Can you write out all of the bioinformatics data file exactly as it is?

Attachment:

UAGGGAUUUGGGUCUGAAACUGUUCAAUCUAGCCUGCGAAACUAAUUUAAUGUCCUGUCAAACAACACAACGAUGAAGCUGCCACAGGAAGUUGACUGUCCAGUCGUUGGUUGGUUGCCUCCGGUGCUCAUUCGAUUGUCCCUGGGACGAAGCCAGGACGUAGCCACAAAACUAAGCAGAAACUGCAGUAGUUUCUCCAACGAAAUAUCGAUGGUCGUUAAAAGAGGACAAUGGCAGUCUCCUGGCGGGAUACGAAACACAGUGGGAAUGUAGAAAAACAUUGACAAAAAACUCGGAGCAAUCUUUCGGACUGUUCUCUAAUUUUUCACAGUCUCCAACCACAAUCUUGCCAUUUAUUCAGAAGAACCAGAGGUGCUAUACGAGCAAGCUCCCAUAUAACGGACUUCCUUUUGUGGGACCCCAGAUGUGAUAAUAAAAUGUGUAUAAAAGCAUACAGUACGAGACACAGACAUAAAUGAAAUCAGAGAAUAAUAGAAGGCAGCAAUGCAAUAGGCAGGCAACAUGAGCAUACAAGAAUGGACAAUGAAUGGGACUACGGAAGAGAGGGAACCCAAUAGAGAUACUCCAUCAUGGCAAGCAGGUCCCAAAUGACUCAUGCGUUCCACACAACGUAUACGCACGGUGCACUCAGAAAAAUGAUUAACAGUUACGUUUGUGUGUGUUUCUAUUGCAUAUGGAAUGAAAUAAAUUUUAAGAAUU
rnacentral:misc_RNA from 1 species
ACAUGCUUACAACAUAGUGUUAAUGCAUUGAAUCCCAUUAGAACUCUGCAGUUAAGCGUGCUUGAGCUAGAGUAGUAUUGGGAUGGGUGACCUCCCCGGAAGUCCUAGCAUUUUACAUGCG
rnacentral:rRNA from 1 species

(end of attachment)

UAGGGAUUUGGGUCUGAAACUGUUCAAUCUAGCCUGCGAAACUAAUUUAAUGUCCUGUCAAACAACACAACGAUGAAGCUGCCACAGGAAGUUGACUGUCCAGUCGUUGGUUGGUUGCCUCCGGUGCUCAUUCGAUUGUCCCUGGGACGAAGCCAGGACGUAGCCACAAAACUAAGCAGAAACUGCAGUAGUUUCUCCAACGAAAUAUCGAUGGUCGUUAAAAGAGGACAAUGGCAGUCUCCUGGCGGGAUACGAAACACAGUGGGAAUGUAGAAAAACAUUGACAAAAAACUCGGAGCAAUCUUUCGGACUGUUCUCUAAUUUUUCACAGUCUCCAACCACAAUCUUGCCAUUUAUUCAGAAGAACCAGAGGUGCUAUACGAGCAAGCUCCCAUAUAACGGACUUCCUUUUGUGGGACCCCAGAUGUGAUAAUAAAAUGUGUAUAAAAGCAUACAGUACGAGACACAGACAUAAAUGAAAUCAGAGAAUAAUAGAAGGCAGCAAUGCAAUAGGCAGGCAACAUGAGCAUACAAGAAUGGACAAUGAAUGGGACUACGGAAGAGAGGGAACCCAAUAGAGAUACUCCAUCAUGGCAAGCAGGUCCCAAAUGACUCAUGCGUUCCACACAACGUAUACGCACGGUGCACUCAGAAAAAUGAUUAACAGUUACGUUUGUGUGUGUUUCUAUUGCAUAUGGAAUGAAAUAAAUUUUAAGAAUU
rnacentral:misc_RNA from 1 species
ACAUGCUUACAACAUAGUGUUAAUGCAUUGAAUCCCAUUAGAACUCUGCAGUUAAGCGUGCUUGAGCUAGAGUAGUAUUGGGAUGGGUGACCUCCCCGGAAGUCCUAGCAUUUUACAUGCG
rnacentral:rRNA from 1 species